Miriam: Leah, please.

Leah: ….

Miriam: Tell me she’s alive.

Leah: What’s her name, Miriam?

Miriam: I don’t know. I can’t remem… No, I can.

Leah: You remember it?

Miriam: Yes…

 Miriam looked into her eyes and said sadly.

“Her name is Leah.”

Leah said nothing, so Miriam continued.

“It’s you, Leah. Why did you get here before me? We should have come together.”

Leah’s face was emotionless as she answered. 

Leah: I died in the car, but you didn’t. You were helped, Miriam. You were in the hospital for seven days. You fought. But in the end, you followed me here.

Miriam: I did fight. But that’s not the whole story. I knew that you were gone. The doctor or the nurse whispered it in my ear. So, I stopped fighting, to come here…to be with you.

Leah: Miriam, did you know that the second circle of Dante’s Inferno is reserved for people who are madly in love, who cheat, or can’t control themselves? Loving too much will send you straight to hell.

Miriam: That’s bullshit.

Leah: You think so?

Miriam: Yes.

Leah: But it’s the rule, here.

Miriam: I don’t care.

Leah: Even if you don’t care, you’ll be sent to hell anyway.

Miriam: But even if I am, you’ll be with me, won’t you, Leah?

Leah was silent for a second before speaking.

“If loving too much is really a sin, I will be in hell, forever, with you.”

The shining figure appeared on the horizon. Leah glanced at it. 

Leah: Here comes the angel.

Miriam: Don’t worry, Leah. If we have to go to hell, at least we’ll go together.

Leah: …

Miriam: Why do you look so sad?

Leah: Remember that day at the sea? You said that we rented a car. Why did we rent it?

Miriam: What do you mean ?

Leah: I have a car. Don’t you remember my old car, that I drove you everywhere in?

Miriam: Then why did we rent a car?

Leah: Do you remember our car?

Miriam: It’s white. But…but… I was driving a black car.

Leah: You were in the black car, Miriam, but I was in the white one.

Miriam: I don’t understand. Why?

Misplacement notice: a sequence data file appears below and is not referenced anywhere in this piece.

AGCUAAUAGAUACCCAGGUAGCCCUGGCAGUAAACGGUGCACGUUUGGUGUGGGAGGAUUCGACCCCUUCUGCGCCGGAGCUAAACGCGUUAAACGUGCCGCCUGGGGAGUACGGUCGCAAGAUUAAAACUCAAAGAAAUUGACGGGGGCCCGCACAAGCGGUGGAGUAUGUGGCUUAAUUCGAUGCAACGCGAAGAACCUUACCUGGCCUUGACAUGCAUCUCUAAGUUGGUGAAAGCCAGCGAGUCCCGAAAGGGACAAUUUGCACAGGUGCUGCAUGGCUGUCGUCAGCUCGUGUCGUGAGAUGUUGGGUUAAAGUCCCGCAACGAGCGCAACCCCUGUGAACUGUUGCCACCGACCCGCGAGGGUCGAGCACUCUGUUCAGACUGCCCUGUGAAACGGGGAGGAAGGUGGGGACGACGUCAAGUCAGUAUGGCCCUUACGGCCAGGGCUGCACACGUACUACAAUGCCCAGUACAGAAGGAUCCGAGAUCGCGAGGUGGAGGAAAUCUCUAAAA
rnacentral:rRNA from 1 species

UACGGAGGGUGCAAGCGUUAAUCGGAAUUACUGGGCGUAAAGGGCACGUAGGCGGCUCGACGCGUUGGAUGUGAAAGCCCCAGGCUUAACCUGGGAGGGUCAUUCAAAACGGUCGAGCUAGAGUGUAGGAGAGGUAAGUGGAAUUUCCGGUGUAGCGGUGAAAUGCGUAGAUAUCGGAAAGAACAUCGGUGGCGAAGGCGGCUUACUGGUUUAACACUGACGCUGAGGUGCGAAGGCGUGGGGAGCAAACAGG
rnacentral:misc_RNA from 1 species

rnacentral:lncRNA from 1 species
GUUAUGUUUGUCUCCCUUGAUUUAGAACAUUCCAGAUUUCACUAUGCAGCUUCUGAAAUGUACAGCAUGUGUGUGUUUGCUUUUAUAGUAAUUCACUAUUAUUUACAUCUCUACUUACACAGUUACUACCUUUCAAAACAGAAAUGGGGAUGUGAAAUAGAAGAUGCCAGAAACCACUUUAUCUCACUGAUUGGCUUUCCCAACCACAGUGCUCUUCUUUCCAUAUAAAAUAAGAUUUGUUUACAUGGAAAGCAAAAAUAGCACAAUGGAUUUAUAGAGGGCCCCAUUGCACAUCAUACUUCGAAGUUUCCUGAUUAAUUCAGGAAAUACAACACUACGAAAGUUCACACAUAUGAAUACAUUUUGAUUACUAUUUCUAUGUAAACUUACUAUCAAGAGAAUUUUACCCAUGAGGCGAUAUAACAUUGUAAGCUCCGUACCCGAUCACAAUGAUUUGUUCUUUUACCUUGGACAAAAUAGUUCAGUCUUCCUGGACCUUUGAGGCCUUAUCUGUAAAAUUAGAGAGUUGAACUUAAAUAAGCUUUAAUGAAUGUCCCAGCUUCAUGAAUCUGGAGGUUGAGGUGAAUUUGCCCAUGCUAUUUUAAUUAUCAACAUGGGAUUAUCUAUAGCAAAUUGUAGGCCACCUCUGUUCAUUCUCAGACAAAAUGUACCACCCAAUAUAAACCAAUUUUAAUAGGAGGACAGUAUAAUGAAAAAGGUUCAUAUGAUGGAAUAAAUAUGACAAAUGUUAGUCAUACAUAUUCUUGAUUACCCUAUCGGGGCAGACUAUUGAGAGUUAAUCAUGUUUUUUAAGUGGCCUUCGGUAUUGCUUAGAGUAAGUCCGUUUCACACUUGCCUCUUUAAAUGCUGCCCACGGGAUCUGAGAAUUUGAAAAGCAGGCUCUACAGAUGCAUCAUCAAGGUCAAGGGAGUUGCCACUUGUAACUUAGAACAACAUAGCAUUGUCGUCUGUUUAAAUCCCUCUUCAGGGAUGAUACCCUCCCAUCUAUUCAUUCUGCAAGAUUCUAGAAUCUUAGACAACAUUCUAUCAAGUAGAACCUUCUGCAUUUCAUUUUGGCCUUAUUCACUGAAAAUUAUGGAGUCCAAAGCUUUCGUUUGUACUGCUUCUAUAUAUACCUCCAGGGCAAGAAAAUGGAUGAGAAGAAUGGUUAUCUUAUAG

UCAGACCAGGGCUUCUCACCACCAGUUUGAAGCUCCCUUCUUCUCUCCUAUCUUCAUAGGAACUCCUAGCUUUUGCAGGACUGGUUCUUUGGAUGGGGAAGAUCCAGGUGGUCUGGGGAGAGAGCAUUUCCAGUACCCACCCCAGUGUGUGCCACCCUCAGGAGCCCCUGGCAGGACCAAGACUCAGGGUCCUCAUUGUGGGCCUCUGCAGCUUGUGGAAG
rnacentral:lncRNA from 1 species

Leah: We weren’t in the same car.

Miriam: I get that, but why?

Leah: Why? Think, Miriam.

Miriam: I…I don’t know!

Leah: I wanted to talk to you about the second circle of Dante’s Inferno.

Miriam: Stop talking about all that. I’ve never read it and I was never interested in it.

Leah: It’s the hell reserved for those who cheat, who have a partner but still love another person. Do you think that’s wrong?

Miriam: Of course. But…

Leah: What is it? Do you remember something?

Miriam: I remember someone…who had black hair, wavy like the ocean.

Leah: Go on.

Miriam: He had strong hands. He told me we should go to the sea, to see how beautiful and blue it is.

Leah: Just like we wanted to.

Miriam: Um. Yes

Leah: So, who did you choose to go with?

Miriam: I… I went with Cain, to the South Sea. We rented the black car.

Leah: Yes, Miriam. That’s right. And I was in my white car, following you.

Miriam: …

Leah: Chasing you and your lover in my old car. It was very old. Do you still remember it?

Miriam: …

Leah: You tried to get away. But you lost control, hit a tree, and then my car hit the back of your car.

Miriam: No! Stop, Leah!

Leah: Cain survived. Aren’t you happy?

Miriam: Enough! I said stop!

Leah: The airbag in my car was in bad condition, so I had no protection. That’s why I came here immediately. But you… you didn’t come here for me.

Miriam: Stop it, right now !

Leah: If you really wanted to be with me, you wouldn’t have gone with Cain in the first place.

Miriam: I don’t want to listen to this anymore!

Leah: I’m telling you the truth, Miriam.

Miriam: Shut up!

Leah looked at the angel. The gold shining light was coming closer and closer. They could finally make out the angel’s body. It carried a golden chain in its hand.

Miriam was paralysed with fear. In her heart, she already knew what the chain was for.

“The second circle of the Inferno. If I can go with you, I will, Miriam, my love.” Leah said. Her voice was calm, and as cold as the ocean. A tear was on her cheek, blue with the reflected light of the sky. “But yes, you’re right. My love isn’t a sin. God forgives people who love, whoever they are, whatever their gender, but he doesn’t forgive people who cheat.” 

“Stop! That’s enough!”

The angel was close now. It stood behind the tea table. Its face was peaceful while it put the chain around Miriam’s neck, saying nothing.

Leah looked at Miriam sadly; then she repeated her promise.

“If loving too much is really a sin, I would go to hell, forever, with you.”

Her tear dropped on the collar of her shirt as she spoke.

“But it seems like you don’t need my love.”

“Leah, help me!” cried Miriam as the angel forced her to stand up and start walking, pulling her behind it.

“I can’t help you.” Another tear ran down Leah’s calm face. “I’m sorry.”

“Leah!” Miriam screamed. “Help me! I’ll never cheat again. Don’t you remember our promise…”

“One day we’ll go see the sea together,” recited Leah tenderly. Tears were still running down her cheeks, but she looked calm. “What a pity that we can’t anymore.”

Miriam was dragged further and further away, until all Leah could see was the light radiating from the angel’s body.

Leah stood up, her gaze fixed on the horizon. Her tears were still flowing. Her face was still serene. She whispered a final sentence, which Miriam would never hear.

“If loving too much was really a sin, then I would be with you in hell, Miriam. Because I love you, no matter what. I love you…forever.”